9. Chongqing—End of An Era
Chongqing is IO flexing how well their reflections and water effects work. It’s easily the most gorgeous level in the series with neon lights and flying drones adding to the cyberpunk feel of the level. The two targets are fairly divorced from each other, but this actually works in this level as there are actual ways to get the targets together. The ICA Facility is fun to explore with vents all over the place allowing for multiple points of entry in the high-tech labyrinth, and the low-tech makeshift lab where the second target, Hush, resides is a nice contrast and works well with the seedy nature of his experiments.
The main problem this level suffers from is the godforsaken door gimmick. To unlock the doors in the ICA facility, you have to pick up different keycards that correspond to different levels of clearance. This is fine. Then you also have to scan these keycards with the new camera tool added to the game to open the door. I get that they want us to use the camera but what a pointless addition. The keycards worked just fine!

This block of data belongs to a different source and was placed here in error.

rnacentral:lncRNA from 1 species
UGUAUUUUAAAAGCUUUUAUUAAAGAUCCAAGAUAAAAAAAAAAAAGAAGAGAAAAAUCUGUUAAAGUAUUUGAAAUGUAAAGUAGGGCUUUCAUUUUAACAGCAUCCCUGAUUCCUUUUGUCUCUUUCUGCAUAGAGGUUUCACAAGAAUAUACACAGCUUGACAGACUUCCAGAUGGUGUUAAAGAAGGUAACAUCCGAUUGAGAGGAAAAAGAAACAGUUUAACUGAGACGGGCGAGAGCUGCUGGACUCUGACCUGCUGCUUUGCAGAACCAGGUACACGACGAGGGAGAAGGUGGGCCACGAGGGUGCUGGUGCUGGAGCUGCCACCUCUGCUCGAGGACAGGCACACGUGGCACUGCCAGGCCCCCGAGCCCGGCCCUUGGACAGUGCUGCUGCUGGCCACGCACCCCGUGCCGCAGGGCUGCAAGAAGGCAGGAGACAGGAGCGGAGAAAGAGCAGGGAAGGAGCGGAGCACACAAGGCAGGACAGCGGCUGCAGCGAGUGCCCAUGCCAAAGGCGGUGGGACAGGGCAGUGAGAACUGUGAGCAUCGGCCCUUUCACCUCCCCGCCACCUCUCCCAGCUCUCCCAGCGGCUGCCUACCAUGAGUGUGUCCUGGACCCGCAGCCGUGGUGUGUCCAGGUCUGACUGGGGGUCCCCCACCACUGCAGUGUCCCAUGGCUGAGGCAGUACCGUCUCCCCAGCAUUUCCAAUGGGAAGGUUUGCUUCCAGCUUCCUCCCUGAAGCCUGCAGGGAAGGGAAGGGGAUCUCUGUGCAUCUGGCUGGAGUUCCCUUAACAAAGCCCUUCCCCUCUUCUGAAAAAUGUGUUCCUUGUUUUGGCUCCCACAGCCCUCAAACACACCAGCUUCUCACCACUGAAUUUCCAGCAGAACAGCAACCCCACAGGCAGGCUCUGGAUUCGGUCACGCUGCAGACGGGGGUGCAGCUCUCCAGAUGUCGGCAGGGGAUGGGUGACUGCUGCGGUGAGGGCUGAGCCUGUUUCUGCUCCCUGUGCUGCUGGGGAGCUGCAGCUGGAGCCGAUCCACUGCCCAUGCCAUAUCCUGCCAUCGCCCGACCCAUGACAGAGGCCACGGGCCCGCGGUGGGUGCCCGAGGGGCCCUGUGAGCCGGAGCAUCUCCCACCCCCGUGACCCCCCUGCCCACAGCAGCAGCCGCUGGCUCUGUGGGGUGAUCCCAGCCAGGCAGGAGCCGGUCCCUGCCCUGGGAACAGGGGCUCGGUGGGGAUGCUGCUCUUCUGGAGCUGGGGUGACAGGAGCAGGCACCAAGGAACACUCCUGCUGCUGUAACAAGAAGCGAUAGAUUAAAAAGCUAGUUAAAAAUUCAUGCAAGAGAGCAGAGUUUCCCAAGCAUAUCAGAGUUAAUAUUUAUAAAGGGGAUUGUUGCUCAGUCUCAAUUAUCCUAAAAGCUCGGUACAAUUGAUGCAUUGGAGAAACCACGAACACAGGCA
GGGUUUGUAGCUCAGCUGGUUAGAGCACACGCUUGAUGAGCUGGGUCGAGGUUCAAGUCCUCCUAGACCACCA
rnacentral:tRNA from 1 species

8. The Golden Handshake—New York
Agent 47 robs a maximum security bank. The Golden Handshake is one of the more experimental levels design-wise given that there’s only one target to kill and the other objective is stealing a data core from a vault. To compensate, there are cameras all over the place. It makes for an interesting experience as trying to stealth your way through will require more finesse than some of the previous levels.
It’s a tightly designed level that trades open space for more density, and this works incredibly well. You can also live out your fantasy of pushing your boss out a window after you get fired if that’s what you’re into. The side objective being something that’s actually fun to accomplish on repeat playthroughs also helps immensely, and it makes me wish other non-killing objectives had this much thought put into them.
7. Mumbai—Chasing a Shadow
Mumbai is easily the best three-target level in the series by a wide margin. It’s a massive map with several distinct areas to explore, but they all feel extremely cohesive. There are incredibly intricate kills to set up, and cool setpieces, and having to sleuth out the identity of the third target is a compelling side objective. The slums are fun to explore, as the bustling streets of Mumbai feel like an improved version of Marrakesh and you can kill someone with a train. It’s ultimately standard Hitman fare, but the execution of Mumbai is so well done that I can forgive its minor flaws.
6. Mendoza—The Farewell